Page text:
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How to harness Python as a programming language when you mostly know Excel

Most of the new juniors who get jobs in investment banks now know how to code a bit in Python. However, this doesn't mean they're Python natives, and typically they still spend a lot of time in Excel.  One former product manager at UBS asset management has developed an open-source product to make their lives easier. 

"The idea is to automate Excel with Python," says Felix Zumstein, an ex-UBS director and the man behind XLWings, a Python library that can be called from Excel using a syntax not dissimilar to VBA. "It's not for professional developers," says Zumstein of his creation. "It's for citizen developers, for people who spend an hour or so every day tinkering about in code and who know how to code a bit, but who mostly write a little bit of code as a means to an end."

Best comment picked by the author
What is the benefit of adding Python to Excel? If VBA already natively has access to the entire Excel object, as well as the remaining Office object models, what is gained by extending it through Python?

Given that XLWings operates at the intersection of Python and Excel and that its protagonist came from a Swiss bank, it's unsurprising that most of its users are working in finance. "People using XLWings can be financial modelers, economists, anything in banking," says Zumstein. "It speeds up workflows. - If you just want to format a spreadsheet to look nice, it's not the ideal use case. But if you want to do scientific computations in Excel or calculations with a lot of data, it will make your life a lot easier."

Zumstein says users come from both ends of the age spectrum. On one hand, they're the "Excel guys aged 40+ who only really know VBA"; on the other, they're new analysts who can potentially do everything in Python but who use Excel when they need to send data to senior staff. "Excel will always be used in banks somewhere," says Zumstein. XLWings makes using it easier. 

XLWings piggybacks on PyWin32. Zumstein began working on it in 2014. Today, there's a paid version that he sells to "major banks, hedge funds and S&P 500 companies" and an unpaid open-source version that's been downloaded nearly 650,000 times in the last 30 days alone.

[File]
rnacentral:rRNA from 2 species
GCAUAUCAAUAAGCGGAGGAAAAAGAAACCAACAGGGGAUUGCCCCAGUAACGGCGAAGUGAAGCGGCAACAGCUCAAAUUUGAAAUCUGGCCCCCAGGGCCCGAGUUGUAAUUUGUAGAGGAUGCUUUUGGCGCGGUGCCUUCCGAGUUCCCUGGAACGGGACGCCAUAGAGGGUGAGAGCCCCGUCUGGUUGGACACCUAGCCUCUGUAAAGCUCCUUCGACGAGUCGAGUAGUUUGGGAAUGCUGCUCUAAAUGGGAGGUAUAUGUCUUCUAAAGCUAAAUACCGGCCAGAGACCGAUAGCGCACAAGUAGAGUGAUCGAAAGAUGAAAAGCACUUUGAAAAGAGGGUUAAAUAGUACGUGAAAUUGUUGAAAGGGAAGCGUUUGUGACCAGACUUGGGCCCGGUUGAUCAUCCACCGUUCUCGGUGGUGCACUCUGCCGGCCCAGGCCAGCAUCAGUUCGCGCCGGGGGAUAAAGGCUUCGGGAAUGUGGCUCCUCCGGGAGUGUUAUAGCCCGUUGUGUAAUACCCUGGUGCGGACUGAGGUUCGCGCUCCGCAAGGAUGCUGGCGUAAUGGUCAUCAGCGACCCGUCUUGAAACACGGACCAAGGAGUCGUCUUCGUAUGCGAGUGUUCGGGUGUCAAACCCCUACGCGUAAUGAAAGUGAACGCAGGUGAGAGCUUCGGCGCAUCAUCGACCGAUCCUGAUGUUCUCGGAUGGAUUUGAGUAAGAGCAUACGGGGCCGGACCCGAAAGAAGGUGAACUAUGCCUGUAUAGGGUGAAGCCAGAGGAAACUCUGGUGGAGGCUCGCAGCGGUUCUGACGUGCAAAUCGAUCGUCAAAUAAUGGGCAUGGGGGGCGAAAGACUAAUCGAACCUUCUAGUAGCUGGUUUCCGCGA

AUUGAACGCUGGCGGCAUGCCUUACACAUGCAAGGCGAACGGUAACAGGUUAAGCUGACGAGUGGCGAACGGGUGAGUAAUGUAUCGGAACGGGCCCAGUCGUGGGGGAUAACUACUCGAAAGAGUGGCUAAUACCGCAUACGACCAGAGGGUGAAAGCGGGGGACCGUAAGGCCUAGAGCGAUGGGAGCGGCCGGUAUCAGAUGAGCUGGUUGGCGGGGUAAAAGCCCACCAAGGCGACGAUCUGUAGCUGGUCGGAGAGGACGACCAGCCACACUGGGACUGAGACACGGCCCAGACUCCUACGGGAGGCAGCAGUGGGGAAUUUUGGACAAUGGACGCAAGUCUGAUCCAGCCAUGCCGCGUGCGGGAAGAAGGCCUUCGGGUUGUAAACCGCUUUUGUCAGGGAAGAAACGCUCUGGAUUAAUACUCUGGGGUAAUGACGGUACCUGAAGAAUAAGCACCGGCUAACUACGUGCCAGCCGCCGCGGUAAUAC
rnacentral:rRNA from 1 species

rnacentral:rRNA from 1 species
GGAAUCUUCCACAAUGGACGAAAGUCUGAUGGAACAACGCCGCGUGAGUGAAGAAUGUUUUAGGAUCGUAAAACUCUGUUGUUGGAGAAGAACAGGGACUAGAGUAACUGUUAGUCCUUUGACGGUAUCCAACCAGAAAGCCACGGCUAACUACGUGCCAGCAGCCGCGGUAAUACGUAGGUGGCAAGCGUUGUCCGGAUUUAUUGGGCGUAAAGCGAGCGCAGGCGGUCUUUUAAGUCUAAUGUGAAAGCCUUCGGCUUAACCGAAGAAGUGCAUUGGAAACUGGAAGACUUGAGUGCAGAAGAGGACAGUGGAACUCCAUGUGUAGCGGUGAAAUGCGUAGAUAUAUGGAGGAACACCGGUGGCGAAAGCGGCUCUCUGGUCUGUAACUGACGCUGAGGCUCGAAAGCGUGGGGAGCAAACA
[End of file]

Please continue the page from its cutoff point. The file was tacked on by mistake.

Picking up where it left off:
Not all banks allow juniors to plug-in open-source packages, but Zumstein says smaller boutiques in particular are ahead of the curve and that some analysts use XLWings anyway: "It's become much more common to use open-source software packages than it used to be."

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Photo by NASA on Unsplash

 

 

 

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AUTHORSarah Butcher Global Editor
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  • xl
    xlwings fan
    19 November 2021

    For an quickstart guide and some more information on xlwings, check out this article:
    https://towardsdatascience....

  • qu
    quadrature
    18 November 2021

    I have used XLWings and it's absolutely brilliant. Using Xlwings opens up the large number of packages available in python (numpy, scipy, statsmodels etc) to excel users. You then basically used Excel as a glorified data entry and all your grunt work is done in the background. This is quite similar to use Excel-Dna for C# or the MS Excel SDK for hardcore C/C++ coders with the added advantage of the richness of the python package landscape.

  • Se
    Sean
    17 November 2021

    What is the benefit of adding Python to Excel? If VBA already natively has access to the entire Excel object, as well as the remaining Office object models, what is gained by extending it through Python?

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